Those who have recovered from COVID-19 may have an increased risk of re-infection with the omicron coronavirus strain compared to other variants of the virus. reported World Health Organization (WHO) citing preliminary data.
“Preliminary evidence suggests there may be an increased risk of re-infection with omicron (ie, people who previously had COVID-19 may be more likely to catch omicron) compared to other worrying options, but information is limited. More detailed information on this will become available in the coming days and weeks, ”the WHO said.
The organization added that WHO is working with technical partners to determine the effectiveness of existing vaccines against the omicron strain. Vaccines still protect against severe disease and death and the dominant delta strain. PCR tests are also capable of detecting infection with the omicron strain. According to the WHO, corticosteroids and IL6 receptor blockers remain effective in the treatment of severe COVID-19; other treatment options will be evaluated to ensure they are effective.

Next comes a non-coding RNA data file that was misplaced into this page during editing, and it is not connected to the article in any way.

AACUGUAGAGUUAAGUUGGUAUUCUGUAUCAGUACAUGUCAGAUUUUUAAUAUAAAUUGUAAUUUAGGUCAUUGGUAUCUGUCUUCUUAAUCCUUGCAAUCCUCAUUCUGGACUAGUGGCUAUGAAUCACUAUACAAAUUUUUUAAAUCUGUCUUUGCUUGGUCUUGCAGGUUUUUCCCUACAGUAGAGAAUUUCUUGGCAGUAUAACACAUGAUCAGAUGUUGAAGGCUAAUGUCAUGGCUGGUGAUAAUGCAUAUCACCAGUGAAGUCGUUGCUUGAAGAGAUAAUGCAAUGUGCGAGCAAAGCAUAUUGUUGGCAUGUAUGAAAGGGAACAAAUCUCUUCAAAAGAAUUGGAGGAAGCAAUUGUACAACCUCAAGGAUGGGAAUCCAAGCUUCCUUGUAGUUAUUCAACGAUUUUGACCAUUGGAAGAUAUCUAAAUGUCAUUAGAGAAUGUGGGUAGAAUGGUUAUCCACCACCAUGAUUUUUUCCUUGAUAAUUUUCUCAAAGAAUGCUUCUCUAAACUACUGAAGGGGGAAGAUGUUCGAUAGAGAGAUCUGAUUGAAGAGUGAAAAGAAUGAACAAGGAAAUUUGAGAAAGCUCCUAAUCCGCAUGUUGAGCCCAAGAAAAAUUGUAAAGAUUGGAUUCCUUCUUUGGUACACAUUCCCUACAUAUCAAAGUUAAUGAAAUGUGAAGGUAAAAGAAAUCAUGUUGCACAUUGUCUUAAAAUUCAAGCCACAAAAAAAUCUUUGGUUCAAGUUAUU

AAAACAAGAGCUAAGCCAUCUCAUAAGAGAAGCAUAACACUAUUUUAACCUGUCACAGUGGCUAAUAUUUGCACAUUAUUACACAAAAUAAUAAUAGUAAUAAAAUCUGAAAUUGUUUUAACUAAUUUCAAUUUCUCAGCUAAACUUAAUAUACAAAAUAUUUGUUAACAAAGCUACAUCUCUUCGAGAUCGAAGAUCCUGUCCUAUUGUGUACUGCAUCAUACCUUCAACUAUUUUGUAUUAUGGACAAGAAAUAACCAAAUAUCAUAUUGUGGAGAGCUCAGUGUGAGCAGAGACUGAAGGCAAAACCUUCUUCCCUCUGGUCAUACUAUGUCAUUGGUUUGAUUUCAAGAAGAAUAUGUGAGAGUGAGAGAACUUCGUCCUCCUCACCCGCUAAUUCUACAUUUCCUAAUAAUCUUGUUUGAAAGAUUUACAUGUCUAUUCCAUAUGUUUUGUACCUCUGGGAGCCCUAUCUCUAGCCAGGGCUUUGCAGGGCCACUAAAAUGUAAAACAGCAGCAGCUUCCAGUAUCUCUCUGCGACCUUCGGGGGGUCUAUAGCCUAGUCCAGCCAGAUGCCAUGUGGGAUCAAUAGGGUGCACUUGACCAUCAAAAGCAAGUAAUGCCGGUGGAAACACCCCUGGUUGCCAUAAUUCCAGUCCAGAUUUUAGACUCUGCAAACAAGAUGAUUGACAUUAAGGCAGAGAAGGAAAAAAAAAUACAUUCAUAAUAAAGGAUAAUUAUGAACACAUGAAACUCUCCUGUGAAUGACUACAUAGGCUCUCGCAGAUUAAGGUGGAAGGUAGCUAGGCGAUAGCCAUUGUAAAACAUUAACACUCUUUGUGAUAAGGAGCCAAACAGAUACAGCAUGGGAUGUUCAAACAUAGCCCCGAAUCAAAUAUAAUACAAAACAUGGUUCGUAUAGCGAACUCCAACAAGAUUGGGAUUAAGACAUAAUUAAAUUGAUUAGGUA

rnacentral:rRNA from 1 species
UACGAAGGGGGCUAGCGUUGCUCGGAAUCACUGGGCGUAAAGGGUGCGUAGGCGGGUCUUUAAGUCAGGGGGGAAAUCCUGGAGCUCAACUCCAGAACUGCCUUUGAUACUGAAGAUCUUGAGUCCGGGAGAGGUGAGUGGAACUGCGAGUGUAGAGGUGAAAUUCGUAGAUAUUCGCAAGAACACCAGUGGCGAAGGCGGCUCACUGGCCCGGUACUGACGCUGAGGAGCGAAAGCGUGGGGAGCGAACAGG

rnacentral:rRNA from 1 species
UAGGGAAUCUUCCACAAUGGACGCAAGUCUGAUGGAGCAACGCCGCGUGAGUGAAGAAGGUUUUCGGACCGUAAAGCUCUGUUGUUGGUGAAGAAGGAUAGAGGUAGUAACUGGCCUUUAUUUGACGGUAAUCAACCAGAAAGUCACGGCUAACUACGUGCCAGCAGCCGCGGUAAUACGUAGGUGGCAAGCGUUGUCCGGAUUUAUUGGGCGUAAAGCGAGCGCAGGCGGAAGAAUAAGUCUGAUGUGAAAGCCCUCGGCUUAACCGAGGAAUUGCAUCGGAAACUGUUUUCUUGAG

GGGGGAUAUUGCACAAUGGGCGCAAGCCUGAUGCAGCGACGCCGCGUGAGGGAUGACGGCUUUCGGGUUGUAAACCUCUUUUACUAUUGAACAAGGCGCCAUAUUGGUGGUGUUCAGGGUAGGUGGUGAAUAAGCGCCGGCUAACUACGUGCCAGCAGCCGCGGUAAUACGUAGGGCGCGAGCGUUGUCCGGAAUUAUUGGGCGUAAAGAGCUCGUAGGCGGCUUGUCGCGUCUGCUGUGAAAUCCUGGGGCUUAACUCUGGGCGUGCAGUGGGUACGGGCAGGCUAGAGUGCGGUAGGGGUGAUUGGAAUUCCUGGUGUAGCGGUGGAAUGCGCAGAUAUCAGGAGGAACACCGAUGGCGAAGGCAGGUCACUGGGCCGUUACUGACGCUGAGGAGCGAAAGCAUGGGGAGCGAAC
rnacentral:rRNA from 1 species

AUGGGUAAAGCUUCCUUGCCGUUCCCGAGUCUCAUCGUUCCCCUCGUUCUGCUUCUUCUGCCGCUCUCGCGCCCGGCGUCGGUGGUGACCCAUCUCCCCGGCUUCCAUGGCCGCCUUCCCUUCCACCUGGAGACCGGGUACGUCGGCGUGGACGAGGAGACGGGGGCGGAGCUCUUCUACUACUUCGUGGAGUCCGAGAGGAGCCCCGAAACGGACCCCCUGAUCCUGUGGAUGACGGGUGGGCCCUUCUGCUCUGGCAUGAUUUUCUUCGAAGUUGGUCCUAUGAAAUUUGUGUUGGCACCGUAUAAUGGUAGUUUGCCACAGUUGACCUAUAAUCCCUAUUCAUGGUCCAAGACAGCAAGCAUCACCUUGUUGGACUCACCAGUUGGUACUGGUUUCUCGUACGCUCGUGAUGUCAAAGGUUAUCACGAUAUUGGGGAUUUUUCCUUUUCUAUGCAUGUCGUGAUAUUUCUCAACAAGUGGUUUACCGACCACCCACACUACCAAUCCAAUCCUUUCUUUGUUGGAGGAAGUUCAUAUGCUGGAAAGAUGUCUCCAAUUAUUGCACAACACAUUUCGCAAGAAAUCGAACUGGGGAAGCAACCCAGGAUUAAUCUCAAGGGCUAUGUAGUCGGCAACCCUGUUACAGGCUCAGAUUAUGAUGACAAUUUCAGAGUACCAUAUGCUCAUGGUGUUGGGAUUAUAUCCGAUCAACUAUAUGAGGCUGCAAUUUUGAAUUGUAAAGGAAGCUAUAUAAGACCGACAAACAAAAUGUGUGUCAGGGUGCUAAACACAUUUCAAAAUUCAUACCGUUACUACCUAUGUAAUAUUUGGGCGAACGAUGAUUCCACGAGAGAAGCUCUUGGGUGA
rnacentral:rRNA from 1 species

The South African strain of the coronavirus is spreading rapidly, so it can lead to a variant as contagious as the “delta” strain, and as dangerous as Ebola. Such concerns were previously expressed in an interview with WAZ by the head of the World Medical Association (WMA) Frank Ulrich Montgomery.
British scientists reported on the identification of a new strain B.1.1.529 in one of the South African countries on November 24. The strain has already been found in Belgium, Great Britain, Czech Republic, Germany and Australia. The case of infection was also recorded in Israel, the country closed its borders to foreign citizens. Russia has also limited air traffic with African countries since November 28. According to Rospotrebnadzor, the omicron strain has not yet been identified in Russia.